Chiasmus

by Ben Perreira

Patterns in human behavior tend to repeat themselves. One of those is the pattern of balance. Enter the chiasmus. In literature a chiasmus refers to a story’s structure containing similar ideas in the beginning and end, with separate ideas clustered in the middle. Picture an hourglass or the letter “X” (in Portuguese the letter is pronounced “shis” ~ “chi”) in which shape is mirrored from top to bottom.

We use the word “palindrome” to describe a word or phrase whose spelling is identical front to back and back to front. See: race car, otto and wow (which is also an onomatopoeia, as some nerds will notice). Again, it’s all about balance.

And then we get life’s structure. Depending on how one wishes to define success and where one grows up, it can go something like this:

As babies things are very structured, so attached to our mothers arms that our eyes have yet to develop sight beyond a couple feet. Pre-school, kindergarten and elementary school follow highly regimented methods of education. 

Things begins to change in junior high when we are allowed some choice in courses. This trend continues in high school, and structure loosens when most of us learn to drive, transporting ourselves free from the need of caregivers.

Likewise, college is fairly undefined. We choose majors and are expected to plan careers at age 18. Coming from such a tightly planned schedule, it is no surprise that this is a challenge. Graduate school leaves us with even less definition, even more so for those who pursue PhDs and must largely direct their own work.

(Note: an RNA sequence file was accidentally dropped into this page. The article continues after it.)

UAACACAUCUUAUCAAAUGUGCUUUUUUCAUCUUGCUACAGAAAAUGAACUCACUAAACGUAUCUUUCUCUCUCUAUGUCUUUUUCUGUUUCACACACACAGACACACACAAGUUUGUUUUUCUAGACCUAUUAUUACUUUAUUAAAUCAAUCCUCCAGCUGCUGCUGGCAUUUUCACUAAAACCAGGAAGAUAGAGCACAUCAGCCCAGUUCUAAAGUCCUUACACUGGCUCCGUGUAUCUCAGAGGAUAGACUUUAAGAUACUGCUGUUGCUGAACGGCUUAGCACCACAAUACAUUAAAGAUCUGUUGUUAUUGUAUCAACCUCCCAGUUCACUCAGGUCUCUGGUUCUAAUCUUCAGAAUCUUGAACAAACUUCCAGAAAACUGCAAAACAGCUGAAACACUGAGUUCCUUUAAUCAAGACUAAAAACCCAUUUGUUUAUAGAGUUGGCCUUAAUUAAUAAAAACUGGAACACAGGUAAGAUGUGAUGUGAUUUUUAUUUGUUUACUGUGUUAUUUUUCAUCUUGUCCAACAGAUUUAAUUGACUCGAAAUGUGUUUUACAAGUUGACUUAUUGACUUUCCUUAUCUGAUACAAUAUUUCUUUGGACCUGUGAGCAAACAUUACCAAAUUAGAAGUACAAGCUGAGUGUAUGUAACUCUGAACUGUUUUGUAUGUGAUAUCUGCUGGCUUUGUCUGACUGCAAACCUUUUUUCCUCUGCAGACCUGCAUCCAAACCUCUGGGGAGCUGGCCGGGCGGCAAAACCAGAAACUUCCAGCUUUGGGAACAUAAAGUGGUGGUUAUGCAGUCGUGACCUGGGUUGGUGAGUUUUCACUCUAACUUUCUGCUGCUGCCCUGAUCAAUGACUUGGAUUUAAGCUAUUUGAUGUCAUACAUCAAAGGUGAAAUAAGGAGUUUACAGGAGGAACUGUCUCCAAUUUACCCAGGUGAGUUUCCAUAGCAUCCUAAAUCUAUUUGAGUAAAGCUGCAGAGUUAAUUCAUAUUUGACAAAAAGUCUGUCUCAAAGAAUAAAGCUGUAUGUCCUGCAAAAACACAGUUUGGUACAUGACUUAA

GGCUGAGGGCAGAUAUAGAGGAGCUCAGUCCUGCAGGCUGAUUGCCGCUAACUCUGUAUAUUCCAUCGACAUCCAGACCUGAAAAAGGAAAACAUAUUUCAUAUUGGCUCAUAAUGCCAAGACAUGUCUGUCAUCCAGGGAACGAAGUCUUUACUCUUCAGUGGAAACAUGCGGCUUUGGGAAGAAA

And then we have work. We find that we are only able to create value in the commercial sphere by connecting dots. Doing things by the book significantly curtails success. There is no roadmap. Even classically well-defined professions (law, accounting, medicine, etc.) are now being forced to change how they operate.

Then, some day, maybe, we retire. We return to structure that is more self-defined, but heavily structured nonetheless. Routines dominate. Conservatism wins. The target for happiness becomes less nuanced and thus more easily reached and appreciated. 

Regardless of the level of structure, we can find solace in the awareness of our place in it. So as my buddy likes to say “Put a smile on that ugly face, it will make you look cuter.”

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